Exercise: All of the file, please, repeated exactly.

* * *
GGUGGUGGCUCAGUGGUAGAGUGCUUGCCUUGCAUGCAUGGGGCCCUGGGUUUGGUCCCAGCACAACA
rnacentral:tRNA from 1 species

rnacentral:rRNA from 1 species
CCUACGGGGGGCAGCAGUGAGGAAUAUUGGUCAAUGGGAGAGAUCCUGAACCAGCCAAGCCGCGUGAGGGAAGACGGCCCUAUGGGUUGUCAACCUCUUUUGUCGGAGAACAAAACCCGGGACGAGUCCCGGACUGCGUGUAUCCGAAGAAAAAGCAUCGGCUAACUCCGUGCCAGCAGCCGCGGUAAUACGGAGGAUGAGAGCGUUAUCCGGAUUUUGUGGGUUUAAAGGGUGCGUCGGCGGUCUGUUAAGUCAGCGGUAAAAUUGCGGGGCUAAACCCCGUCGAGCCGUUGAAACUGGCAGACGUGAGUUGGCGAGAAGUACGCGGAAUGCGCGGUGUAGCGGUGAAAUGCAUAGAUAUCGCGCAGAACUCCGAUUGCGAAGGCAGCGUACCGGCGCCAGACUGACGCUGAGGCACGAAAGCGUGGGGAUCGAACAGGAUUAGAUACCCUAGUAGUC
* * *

GGUGGUGGCUCAGUGGUAGAGUGCUUGCCUUGCAUGCAUGGGGCCCUGGGUUUGGUCCCAGCACAACA
rnacentral:tRNA from 1 species

rnacentral:rRNA from 1 species
CCUACGGGGGGCAGCAGUGAGGAAUAUUGGUCAAUGGGAGAGAUCCUGAACCAGCCAAGCCGCGUGAGGGAAGACGGCCCUAUGGGUUGUCAACCUCUUUUGUCGGAGAACAAAACCCGGGACGAGUCCCGGACUGCGUGUAUCCGAAGAAAAAGCAUCGGCUAACUCCGUGCCAGCAGCCGCGGUAAUACGGAGGAUGAGAGCGUUAUCCGGAUUUUGUGGGUUUAAAGGGUGCGUCGGCGGUCUGUUAAGUCAGCGGUAAAAUUGCGGGGCUAAACCCCGUCGAGCCGUUGAAACUGGCAGACGUGAGUUGGCGAGAAGUACGCGGAAUGCGCGGUGUAGCGGUGAAAUGCAUAGAUAUCGCGCAGAACUCCGAUUGCGAAGGCAGCGUACCGGCGCCAGACUGACGCUGAGGCACGAAAGCGUGGGGAUCGAACAGGAUUAGAUACCCUAGUAGUC